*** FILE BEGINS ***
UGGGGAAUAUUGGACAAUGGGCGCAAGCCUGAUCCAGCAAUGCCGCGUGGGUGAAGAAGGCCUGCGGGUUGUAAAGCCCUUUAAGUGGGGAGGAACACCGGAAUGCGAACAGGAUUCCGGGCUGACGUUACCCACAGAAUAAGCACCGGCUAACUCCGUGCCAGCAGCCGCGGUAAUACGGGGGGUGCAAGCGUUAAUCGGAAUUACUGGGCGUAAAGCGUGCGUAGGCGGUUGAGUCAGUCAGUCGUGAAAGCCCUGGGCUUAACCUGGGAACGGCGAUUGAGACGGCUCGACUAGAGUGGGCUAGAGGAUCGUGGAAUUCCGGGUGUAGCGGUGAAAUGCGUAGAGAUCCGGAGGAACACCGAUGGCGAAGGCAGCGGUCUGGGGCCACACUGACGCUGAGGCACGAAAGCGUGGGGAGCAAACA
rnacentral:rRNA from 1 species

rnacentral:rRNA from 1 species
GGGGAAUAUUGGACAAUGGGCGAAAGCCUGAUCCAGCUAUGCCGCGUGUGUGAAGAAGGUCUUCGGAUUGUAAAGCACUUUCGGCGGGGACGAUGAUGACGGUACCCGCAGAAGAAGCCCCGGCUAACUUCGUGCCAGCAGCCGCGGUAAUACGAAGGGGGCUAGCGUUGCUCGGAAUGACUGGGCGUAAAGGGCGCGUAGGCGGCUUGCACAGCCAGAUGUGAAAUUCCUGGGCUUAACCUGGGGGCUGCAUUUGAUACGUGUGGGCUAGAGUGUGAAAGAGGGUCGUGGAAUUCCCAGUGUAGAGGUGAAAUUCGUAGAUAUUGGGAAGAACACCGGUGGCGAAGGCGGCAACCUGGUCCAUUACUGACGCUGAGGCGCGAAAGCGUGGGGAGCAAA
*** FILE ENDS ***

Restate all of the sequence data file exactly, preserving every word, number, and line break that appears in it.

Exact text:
UGGGGAAUAUUGGACAAUGGGCGCAAGCCUGAUCCAGCAAUGCCGCGUGGGUGAAGAAGGCCUGCGGGUUGUAAAGCCCUUUAAGUGGGGAGGAACACCGGAAUGCGAACAGGAUUCCGGGCUGACGUUACCCACAGAAUAAGCACCGGCUAACUCCGUGCCAGCAGCCGCGGUAAUACGGGGGGUGCAAGCGUUAAUCGGAAUUACUGGGCGUAAAGCGUGCGUAGGCGGUUGAGUCAGUCAGUCGUGAAAGCCCUGGGCUUAACCUGGGAACGGCGAUUGAGACGGCUCGACUAGAGUGGGCUAGAGGAUCGUGGAAUUCCGGGUGUAGCGGUGAAAUGCGUAGAGAUCCGGAGGAACACCGAUGGCGAAGGCAGCGGUCUGGGGCCACACUGACGCUGAGGCACGAAAGCGUGGGGAGCAAACA
rnacentral:rRNA from 1 species

rnacentral:rRNA from 1 species
GGGGAAUAUUGGACAAUGGGCGAAAGCCUGAUCCAGCUAUGCCGCGUGUGUGAAGAAGGUCUUCGGAUUGUAAAGCACUUUCGGCGGGGACGAUGAUGACGGUACCCGCAGAAGAAGCCCCGGCUAACUUCGUGCCAGCAGCCGCGGUAAUACGAAGGGGGCUAGCGUUGCUCGGAAUGACUGGGCGUAAAGGGCGCGUAGGCGGCUUGCACAGCCAGAUGUGAAAUUCCUGGGCUUAACCUGGGGGCUGCAUUUGAUACGUGUGGGCUAGAGUGUGAAAGAGGGUCGUGGAAUUCCCAGUGUAGAGGUGAAAUUCGUAGAUAUUGGGAAGAACACCGGUGGCGAAGGCGGCAACCUGGUCCAUUACUGACGCUGAGGCGCGAAAGCGUGGGGAGCAAA